Robin Scott remembers the genesis of ‘Pop Muzik’, his huge worldwide hit as M in 1979. New York, London, Paris, Munich, everybody talk about…
“In the late 1970s, I was running an independent label, Do It Records, and managing a band called Roogalator. We’d some interest from a major but the potential deal fell through so I was thinking, ‘OK, if it’s not working out with the majors, let’s set up an independent’, although the first release wasn’t exactly connected with that. The second was something of my own, ‘Moderne Man’, which was recorded in a studio that belonged to Deep Purple and was an attempt to bring together the post-punk thing with Giorgio Moroder.
‘Moderne Man’ got quite a lot of exposure and support, particularly with Capital Radio, and there was a glimmer of hope that it might go mainstream, but it didn’t. It opened the door, though. I was writing and getting together material on the fly and things started falling into place – kind of out of necessity. I’d had the idea for ‘Pop Muzik’ for a while, then I had the opportunity for some downtime in a studio in Paris.
The first version of ‘Pop Muzik’ was pretty much like a rhythm ’n’ blues piece. It was easy to lay it down, but it didn’t work. So I came up with the idea of making it a bit more dance oriented and did a James Brown inspired funk version, but it still had this pastiche feel about it and I didn’t feel that was right. So I had to rethink again, for a third time. A guy called John Lewis came to mind, a Canadian guy who was a classical composer and very gifted. I’d worked with him during my early musical development and I knew he was running a small studio in Covent Garden. He was doing ads, Pete Townshend was funding equipment for him, and he was on the cutting edge of synthesis, he was somebody that could possibly bring something special to the song.
So I went to him with this idea, a very simple three-chord trick. John really took to it and immediately came up with the fundamental component, the sequenced part, and then he introduced contrapuntal elements that were typical of someone who had some academic expertise. I ended up with an eight-track, which was the sequential aspect of the arrangement, and I knew that was the breakthrough. It suddenly sounded like it could go somewhere. So then I had to take an eight-track over to Paris, find a studio that had an eight track and a 24-track and transfer it all over, and then continue from there. And the process was ongoing dependant on downtime at the studio. The engineer was getting a bit sick of me as I’d already done two versions and he said, ‘We’ve got a smaller studio, you can go and work there’, so that’s where I took the 24-track.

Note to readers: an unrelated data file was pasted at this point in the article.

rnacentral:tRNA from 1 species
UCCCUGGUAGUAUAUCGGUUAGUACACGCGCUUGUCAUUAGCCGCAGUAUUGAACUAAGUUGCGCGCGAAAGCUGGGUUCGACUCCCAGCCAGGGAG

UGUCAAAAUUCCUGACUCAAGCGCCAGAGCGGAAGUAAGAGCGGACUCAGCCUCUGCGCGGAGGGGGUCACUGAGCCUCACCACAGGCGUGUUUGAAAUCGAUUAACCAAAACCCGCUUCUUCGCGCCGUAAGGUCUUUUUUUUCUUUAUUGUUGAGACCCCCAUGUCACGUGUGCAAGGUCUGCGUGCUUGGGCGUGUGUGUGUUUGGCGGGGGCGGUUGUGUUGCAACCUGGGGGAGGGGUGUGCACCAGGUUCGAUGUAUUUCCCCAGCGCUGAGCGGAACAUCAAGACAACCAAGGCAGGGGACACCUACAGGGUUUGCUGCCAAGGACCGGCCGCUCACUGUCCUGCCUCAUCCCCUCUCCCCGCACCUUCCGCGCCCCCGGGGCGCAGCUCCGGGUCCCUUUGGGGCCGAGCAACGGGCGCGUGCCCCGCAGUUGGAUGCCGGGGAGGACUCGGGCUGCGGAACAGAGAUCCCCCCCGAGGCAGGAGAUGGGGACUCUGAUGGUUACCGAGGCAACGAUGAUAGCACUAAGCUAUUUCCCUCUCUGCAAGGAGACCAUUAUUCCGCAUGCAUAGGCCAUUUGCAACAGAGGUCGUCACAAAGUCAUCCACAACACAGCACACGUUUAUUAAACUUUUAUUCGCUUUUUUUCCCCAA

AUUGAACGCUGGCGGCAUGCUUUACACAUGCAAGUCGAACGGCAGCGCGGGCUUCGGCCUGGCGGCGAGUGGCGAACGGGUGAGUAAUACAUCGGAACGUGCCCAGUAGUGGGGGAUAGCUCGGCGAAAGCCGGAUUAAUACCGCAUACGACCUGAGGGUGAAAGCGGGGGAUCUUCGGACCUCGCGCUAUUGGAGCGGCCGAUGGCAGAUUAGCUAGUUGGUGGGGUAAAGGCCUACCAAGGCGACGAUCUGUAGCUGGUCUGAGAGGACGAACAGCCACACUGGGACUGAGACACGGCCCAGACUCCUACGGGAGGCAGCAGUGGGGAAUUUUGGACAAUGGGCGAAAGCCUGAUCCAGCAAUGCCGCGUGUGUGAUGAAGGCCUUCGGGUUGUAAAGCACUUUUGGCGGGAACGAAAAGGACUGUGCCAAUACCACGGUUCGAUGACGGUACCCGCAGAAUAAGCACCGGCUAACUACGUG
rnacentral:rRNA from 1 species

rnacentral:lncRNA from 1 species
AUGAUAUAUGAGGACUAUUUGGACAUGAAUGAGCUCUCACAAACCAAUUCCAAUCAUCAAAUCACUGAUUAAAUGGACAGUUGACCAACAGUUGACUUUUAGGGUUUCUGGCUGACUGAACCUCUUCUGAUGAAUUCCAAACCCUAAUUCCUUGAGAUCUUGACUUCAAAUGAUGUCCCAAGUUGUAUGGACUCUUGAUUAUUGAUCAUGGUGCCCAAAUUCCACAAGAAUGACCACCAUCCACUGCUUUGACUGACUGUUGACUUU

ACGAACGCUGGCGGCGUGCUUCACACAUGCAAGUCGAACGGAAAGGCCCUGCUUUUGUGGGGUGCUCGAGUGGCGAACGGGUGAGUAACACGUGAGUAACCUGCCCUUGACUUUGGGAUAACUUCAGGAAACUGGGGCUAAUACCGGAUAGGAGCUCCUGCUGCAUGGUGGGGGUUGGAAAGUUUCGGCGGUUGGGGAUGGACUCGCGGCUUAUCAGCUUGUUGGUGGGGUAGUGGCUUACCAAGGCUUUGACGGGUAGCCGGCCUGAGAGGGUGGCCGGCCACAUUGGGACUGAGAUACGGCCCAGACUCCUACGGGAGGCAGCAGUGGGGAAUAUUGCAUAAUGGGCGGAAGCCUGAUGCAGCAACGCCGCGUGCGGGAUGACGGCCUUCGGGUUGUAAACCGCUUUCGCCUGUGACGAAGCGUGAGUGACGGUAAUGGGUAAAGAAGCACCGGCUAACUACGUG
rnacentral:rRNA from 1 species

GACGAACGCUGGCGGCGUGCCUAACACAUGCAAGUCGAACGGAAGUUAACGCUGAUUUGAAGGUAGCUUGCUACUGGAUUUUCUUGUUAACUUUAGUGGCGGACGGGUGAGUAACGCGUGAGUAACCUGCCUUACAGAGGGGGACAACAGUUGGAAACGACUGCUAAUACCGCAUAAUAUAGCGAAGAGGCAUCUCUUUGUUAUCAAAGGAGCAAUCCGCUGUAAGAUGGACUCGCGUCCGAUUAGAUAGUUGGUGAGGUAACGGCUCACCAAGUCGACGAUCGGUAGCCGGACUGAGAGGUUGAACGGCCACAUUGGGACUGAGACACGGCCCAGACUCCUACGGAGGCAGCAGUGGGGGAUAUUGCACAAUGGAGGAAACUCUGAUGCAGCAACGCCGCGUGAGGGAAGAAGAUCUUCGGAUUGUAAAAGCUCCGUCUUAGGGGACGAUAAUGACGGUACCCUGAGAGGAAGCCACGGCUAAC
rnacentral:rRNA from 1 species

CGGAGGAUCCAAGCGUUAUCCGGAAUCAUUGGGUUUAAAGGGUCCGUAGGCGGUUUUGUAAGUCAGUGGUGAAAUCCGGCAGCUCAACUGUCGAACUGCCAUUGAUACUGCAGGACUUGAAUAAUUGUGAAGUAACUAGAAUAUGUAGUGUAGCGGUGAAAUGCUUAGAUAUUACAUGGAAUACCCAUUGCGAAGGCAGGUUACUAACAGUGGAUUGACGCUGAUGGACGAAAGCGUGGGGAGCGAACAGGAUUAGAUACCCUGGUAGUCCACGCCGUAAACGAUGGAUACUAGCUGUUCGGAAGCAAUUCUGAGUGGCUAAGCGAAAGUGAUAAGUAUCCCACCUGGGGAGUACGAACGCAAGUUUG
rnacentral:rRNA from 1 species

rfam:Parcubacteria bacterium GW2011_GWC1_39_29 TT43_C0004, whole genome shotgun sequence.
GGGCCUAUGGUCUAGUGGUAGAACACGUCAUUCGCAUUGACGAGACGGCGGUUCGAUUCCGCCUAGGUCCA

I played guitar and I brought in a sax player and a drummer to play fills. It was really a workshop scenario. There wasn’t a live performance of a band as such, it was playing along to sequences. Then through Barclay Records, I found a session player called Wally Badarou, who later went on to work with Grace Jones, Robert Palmer, Level 42 and Sly & Robbie. He gave it the funk element and the colour. He overdubbed synth brass and did a magnificent job. The other thing was the female backing vocals. I was always fascinated with the close harmonies of female groups like The Andrews Sisters and Brigit, my girlfriend at that time, was a singer. She wasn’t performing a lot but I knew she had a voice, so I gave her the parts and she did all the backing vocals.
The song was a seminal moment for me personally and it struck a chord universally. I was just like any other punter, I’d soaked up a lot of music, and somehow I became tuned to the possibilities of the moment, but it wasn’t so contrived as I think some people might have thought. At my fingertips, I had the expertise and knowledge and the technology that was about to unfold and take hold of the whole of the music industry in the 1980s. It really was a defining moment.
And then I was approached to do a music video, one of the first. The company who did ‘Bohemian Rhapsody’ asked my record company if they had any artists who wanted to do a video and I said I’d be up for it. There was no way the BBC were going to take outside productions for ‘Top Of The Pops’, but fortunately Kenny Everett stepped in and played it on his TV show. That was the spark that it needed. I didn’t have a performing band and it was a difficult track to reproduce live, but it got exposure via radio and because the video could travel very easily. It went like wildfire, all round Europe and across the other side of the planet.
I don’t really know how many copies it has sold to be honest, but I got a lot of gold discs. They’re all packed away in boxes. It was a very interesting moment. Pretty hectic, pretty stressful and not a great experience going out there in those days, miming as you did on ‘Top Of The Pops’. I found that very frustrating. You become a victim of your own making.
These days, I don’t really feel like it’s mine. It’s out there in the public domain and I’m not as connected to it as you might think. I’m not especially possessive about it. I mean, I’ve taken care about the value of the copyright over the years and it’s served me very well, but there have been so many interesting things that have happened with that song, in terms of where it took me and the people who have covered it. It’s been very interesting to watch. It’s flattering that it appears to mean so much to so many people and that it’s still part of our culture.”